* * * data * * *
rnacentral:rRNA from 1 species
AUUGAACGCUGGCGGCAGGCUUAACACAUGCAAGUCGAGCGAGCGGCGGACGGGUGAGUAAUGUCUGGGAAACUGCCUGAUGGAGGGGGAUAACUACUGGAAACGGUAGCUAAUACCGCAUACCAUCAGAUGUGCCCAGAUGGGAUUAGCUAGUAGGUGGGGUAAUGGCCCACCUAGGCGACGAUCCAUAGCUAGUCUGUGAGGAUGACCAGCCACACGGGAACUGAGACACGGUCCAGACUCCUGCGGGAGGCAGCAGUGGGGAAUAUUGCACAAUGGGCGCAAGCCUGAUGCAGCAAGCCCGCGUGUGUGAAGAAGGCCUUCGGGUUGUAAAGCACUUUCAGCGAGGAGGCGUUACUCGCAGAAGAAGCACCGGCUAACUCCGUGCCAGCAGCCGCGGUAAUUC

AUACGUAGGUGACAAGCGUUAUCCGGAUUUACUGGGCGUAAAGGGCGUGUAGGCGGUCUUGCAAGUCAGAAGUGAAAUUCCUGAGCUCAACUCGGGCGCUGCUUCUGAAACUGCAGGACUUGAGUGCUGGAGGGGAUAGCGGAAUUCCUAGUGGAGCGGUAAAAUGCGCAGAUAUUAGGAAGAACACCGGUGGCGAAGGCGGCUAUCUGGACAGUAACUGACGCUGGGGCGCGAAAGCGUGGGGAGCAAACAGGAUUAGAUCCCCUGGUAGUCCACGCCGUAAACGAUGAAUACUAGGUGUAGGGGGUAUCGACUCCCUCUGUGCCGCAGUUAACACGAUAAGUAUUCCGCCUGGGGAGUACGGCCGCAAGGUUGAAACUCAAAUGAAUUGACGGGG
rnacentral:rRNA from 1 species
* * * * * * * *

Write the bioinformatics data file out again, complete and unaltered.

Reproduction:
rnacentral:rRNA from 1 species
AUUGAACGCUGGCGGCAGGCUUAACACAUGCAAGUCGAGCGAGCGGCGGACGGGUGAGUAAUGUCUGGGAAACUGCCUGAUGGAGGGGGAUAACUACUGGAAACGGUAGCUAAUACCGCAUACCAUCAGAUGUGCCCAGAUGGGAUUAGCUAGUAGGUGGGGUAAUGGCCCACCUAGGCGACGAUCCAUAGCUAGUCUGUGAGGAUGACCAGCCACACGGGAACUGAGACACGGUCCAGACUCCUGCGGGAGGCAGCAGUGGGGAAUAUUGCACAAUGGGCGCAAGCCUGAUGCAGCAAGCCCGCGUGUGUGAAGAAGGCCUUCGGGUUGUAAAGCACUUUCAGCGAGGAGGCGUUACUCGCAGAAGAAGCACCGGCUAACUCCGUGCCAGCAGCCGCGGUAAUUC

AUACGUAGGUGACAAGCGUUAUCCGGAUUUACUGGGCGUAAAGGGCGUGUAGGCGGUCUUGCAAGUCAGAAGUGAAAUUCCUGAGCUCAACUCGGGCGCUGCUUCUGAAACUGCAGGACUUGAGUGCUGGAGGGGAUAGCGGAAUUCCUAGUGGAGCGGUAAAAUGCGCAGAUAUUAGGAAGAACACCGGUGGCGAAGGCGGCUAUCUGGACAGUAACUGACGCUGGGGCGCGAAAGCGUGGGGAGCAAACAGGAUUAGAUCCCCUGGUAGUCCACGCCGUAAACGAUGAAUACUAGGUGUAGGGGGUAUCGACUCCCUCUGUGCCGCAGUUAACACGAUAAGUAUUCCGCCUGGGGAGUACGGCCGCAAGGUUGAAACUCAAAUGAAUUGACGGGG
rnacentral:rRNA from 1 species